Updated: Jul 29, 2019
-Why it’s crucial for growers to stay on top of their fertilizer and irrigation schedules.-
Some of you may remember the joke from Pulp Fiction that Mia (Uma Thurman) told Vincent (John Travolta) after their disastrous dinner date.
Three tomatoes are walkin' down the street. Papa Tomato, Mama Tomato and Baby Tomato. Baby Tomato starts lagging behind, and Papa Tomato gets really angry. Goes back and squishes him and says: "Ketchup." Ketchup.
In the past few months, I’ve had several inquiries from growers about “catching up". Catching up with fertilizer or irrigation on their crops. Just like baby tomato who fell behind, they fell behind on their fertilizer and irrigation schedules and asked me about applying more to catch up.
Making plans for nutrients and irrigation is essential for a successful crop. Sometimes our plans get derailed. Rain can continue late into the spring preventing fertigation applications on your almonds. An irrigation well could stop pumping due to a failed casing during a week of hot weather in July, when you had planned to apply 2.15 inches of water per acre. Should you apply extra fertilizer once you're able to start your fertigation schedule so you can catch up with your planned nutrients? Should you apply extra water and catch up with your missed irrigation when you find another irrigation source for the field with the failed well?
Generally, no. You cannot compensate for the time period already passed. The crop’s demand for nitrogen or water for that missed week(s) has passed. The crop won’t absorb more nitrogen or water than its current demand.
If your fertigation plan called for all nutrient applications to be applied by June 1st and you started late because of heavy March rain, and got even further behind when it rained for 2 weeks in May, can you fertigate 3 times your normal weekly nutrient amounts the last week of May? I have seen two instances where this was the case. In both instances the result was dead trees. And in both cases, a high rate of fertilizer was injected into the irrigation system in a short period of time. I’m referring to an injection time of 20 to 40 minutes. While this may be convenient for fertigators, the distribution uniformity is very low and the chance for toxic amounts of fertilizer near the injection point increases. It’s better to inject the fertilizer over a 4 to 6-hour period (or longer) at slower injection rates. You can find good information in the ANR publication 21620, Fertigation with Microirrigation.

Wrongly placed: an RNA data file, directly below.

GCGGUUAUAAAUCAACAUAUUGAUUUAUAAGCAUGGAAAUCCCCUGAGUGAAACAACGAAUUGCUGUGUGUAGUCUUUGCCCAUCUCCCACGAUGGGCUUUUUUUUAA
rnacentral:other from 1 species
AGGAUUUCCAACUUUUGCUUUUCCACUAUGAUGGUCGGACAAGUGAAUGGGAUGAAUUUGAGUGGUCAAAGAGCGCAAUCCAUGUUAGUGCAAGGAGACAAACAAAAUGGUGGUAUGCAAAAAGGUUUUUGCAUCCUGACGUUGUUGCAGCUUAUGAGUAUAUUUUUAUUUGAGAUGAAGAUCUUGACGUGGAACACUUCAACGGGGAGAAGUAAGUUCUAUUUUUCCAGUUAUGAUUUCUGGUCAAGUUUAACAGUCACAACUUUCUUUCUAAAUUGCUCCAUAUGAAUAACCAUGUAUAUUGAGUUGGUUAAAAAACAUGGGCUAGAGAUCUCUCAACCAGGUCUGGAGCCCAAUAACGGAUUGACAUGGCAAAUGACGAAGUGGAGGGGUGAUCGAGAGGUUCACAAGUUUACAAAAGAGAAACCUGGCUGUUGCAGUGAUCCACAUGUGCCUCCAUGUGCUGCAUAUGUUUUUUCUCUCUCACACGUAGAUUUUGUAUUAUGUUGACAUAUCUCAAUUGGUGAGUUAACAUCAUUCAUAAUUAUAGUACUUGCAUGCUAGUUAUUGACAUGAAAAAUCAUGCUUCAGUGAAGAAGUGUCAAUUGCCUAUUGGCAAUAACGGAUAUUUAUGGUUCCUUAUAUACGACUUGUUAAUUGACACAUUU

Irrigation runs or amounts can be disrupted for various reasons. An almond grower discovered a faulty valve was applying ½ the water he planned to apply. The other ½ of the water was being applied to the other set. So, while both sets were being irrigated and everything looked normal in the spring, one set was getting less water than its demand. It took 6 weeks for this to show in the tree growth and the problem with the faulty valve was found and corrected. The grower tried to catch up by putting more water on the set that was unintentionally deficit irrigated. Did it work? Of course not. The trees demand was not met for 6 weeks and the result was less shoot growth, earlier harvest and less yield (250+ lbs/acre) than the over irrigated set.
One more example. Almond harvest is a challenging time for irrigation. A grower decided he did not have time to irrigate between varieties and by the time he finished harvest of both varieties, 25 days had passed since his last irrigation. As you can imagine, the soil and trees were very dry. So, to catch up on moisture, he irrigated with his microirrigation for over 90 hours. That’s almost 4 days. He achieved his goal of getting plenty of moisture in his trees. Too much as it turns out as in the spring, he had dozens of trees with root infections and crown rot.
Continue to make your plans and execute them. When conditions change, be flexible and recognize the need to adapt. As tempting as it is to compensate for a missed fertilizer application or irrigation or other practice, resist the nagging desire to “catch up”.
Here’s a toast to all of you growers for all of your hard work!